FaceOff: Pt. 1

As we all steadily recover from Damien Hirst’s international yelps for attention, I’d like to shift some attention to other artists that are trending. With an ever-expanding roster of galleries, established artists have the opportunity to occupy multiple outlets at one time. Such is the case with this week’s recommendations. Dueling shows facilitate a more cohesive understanding of practice while presenting a dialogue between curatorial strategies and themes. Some artists have all the luck.  

DUEL 1:

Thomas Schutte, Frauen, 2006, Suite of 18 color etchings on Zerkall-Bütten paper, Each 24 x 32 inches, Edition of 35 sets

Thomas Schütte, Frauen, 2006, Suite of 18 color etchings on Zerkall-Bütten paper, Each 24 x 32 inches, Edition of 35 sets (from Carolina Nitsch Project Room exhibition)

Thomas Schütte: Alte Freunde

March 1 – April 28, 2012

Carolina Nitsch Project Room

534 West 22nd Street

New York, New York

VS.

Thomas Schütte: New Work // New Watercolors

February 23 – April 7, 2012

Peter Freeman, Inc (both locations)

140 Grand Street // 560 Broadway

New York, New York

Thomas Schutte, Aquarelle, 2012, 20 ink on paper works, framed, each sheet approximately 15 x 11 inches

Thomas Schütte, Aquarelle, 2012, 20 ink on paper works, framed, each sheet approximately 15 x 11 inches (from Peter Freeman exhibition)

Thomas Schütte is a prolific German artist who’s practice seeps into all mediums. He has tinkered with steel, clay, wax, paint, plywood, and lithography, to name a few. In his over twenty years of production, this variety has allowed for a meticulous exploration of contradiction and physical paradoxes.

Carolina Nitsch’s offering covers the spectrum of Schütte’s thematic focuses: the human condition and its innate tension, the female form, and architectural studies. Alte Freunde, the series after which the exhibition is titled, consists of ten etchings, caricatures of sculptures Schütte created in the early 1990s. The busts of these men emanate an underlying suspicion, worry, and cunning all at once. Frauen (2006), a series of females, are seemingly sweet with an abnormal aftertaste. Schütte is a meticulous observer and a merciless ringleader, twisting these predominantly headless women into compromising positions. His desire to push form to an extreme comes full circle in the last series presented: Architektur Modelle (Architectural Models) (1980-2006). Some of his realized structures regress to paper, assuming the scale of a preparatory sketches. Schütte’s 2D understanding of his predominantly three-dimensional practice is unveiled.

Thomas Schutte, Alte Freunde, 2010-11, Suite of ten line etchings with open bite and carborundum, On J. Whatman 235 gsm. and Barcham Green 115 gsm. papers, Each 31 x 20 ½ inches, Edition of 35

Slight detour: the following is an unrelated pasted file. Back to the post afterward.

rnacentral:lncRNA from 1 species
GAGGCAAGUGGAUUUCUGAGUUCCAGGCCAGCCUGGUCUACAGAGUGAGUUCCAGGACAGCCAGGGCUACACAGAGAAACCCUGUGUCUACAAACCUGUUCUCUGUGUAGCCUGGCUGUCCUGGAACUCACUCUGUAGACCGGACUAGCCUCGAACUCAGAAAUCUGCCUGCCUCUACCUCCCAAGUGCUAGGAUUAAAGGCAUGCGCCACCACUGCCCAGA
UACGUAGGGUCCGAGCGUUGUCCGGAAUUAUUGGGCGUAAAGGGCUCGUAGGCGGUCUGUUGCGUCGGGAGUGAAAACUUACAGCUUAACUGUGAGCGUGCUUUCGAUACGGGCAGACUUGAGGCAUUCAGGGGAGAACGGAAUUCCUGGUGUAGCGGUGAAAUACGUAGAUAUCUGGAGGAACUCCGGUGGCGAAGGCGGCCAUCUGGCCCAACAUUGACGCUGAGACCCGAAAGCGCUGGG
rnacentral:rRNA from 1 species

Thomas Schütte, Alte Freunde, 2010-11, Suite of ten line etchings with open bite and carborundum, On J. Whatman 235 gsm. and Barcham Green 115 gsm. papers, Each 31 x 20 ½ inches, Edition of 35 (from Carolina Nitsch Project Room exhibition)

Peter Freeman’s display is the newest output by Schütte, who hasn’t shown new work in New York in seven years. Freeman’s new space on Grand Street will display sculpture and grandiose woodblock prints. The sculptures come in pairs, harking back to his earlier work with architecture or the human form. The prints on the surrounding walls are newly rendered interpretations of images from his Die Burg (The Castle) series from 1984. The work being displayed at the 560 Broadway space is guarded like pirate’s booty, with only one sentence and a handful of installation shots providing information about the suite of twenty new watercolors and several ceramic sculptures.

Installation shot from Peter Freeman's New Watercolors at 560 Broadway

Installation shot from Peter Freeman's New Watercolors at 560 Broadway

WINNER: Both? They are a tag-team effort, with Carolina Nitsch laying some groundwork for one to interpret the new directions Schütte might be exploring. Peter Freeman remains more open-ended, and encourages the viewer to analyze Schütte’s emphasis on mortality and internal/external power struggles.

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About Lynn Maliszewski, Contributor-at-Large

Lynn Maliszewski is a freelance writer based in Brooklyn, New York. She curated and composed work for ArtWrit, BOMB Magazine, HAHA Magazine, Hyperallergic, LatinLover, Modern Painters, No.3, Whitehot Magazine, and Whitewall. She is currently the Contributor-at-Large for ON-VERGE, an arts journalism blog sponsored by CUE Art Foundation, until 2013. She hosts her own blog, Contemporaneous Extension, as a compendium of aesthetic interests, archived exhibitions and artists, and uncensored inferences. She has contributed editorially to the College Art Association, the Bushwick Film Festival, Like the Spice Gallery, and the Museum of Modern Art.
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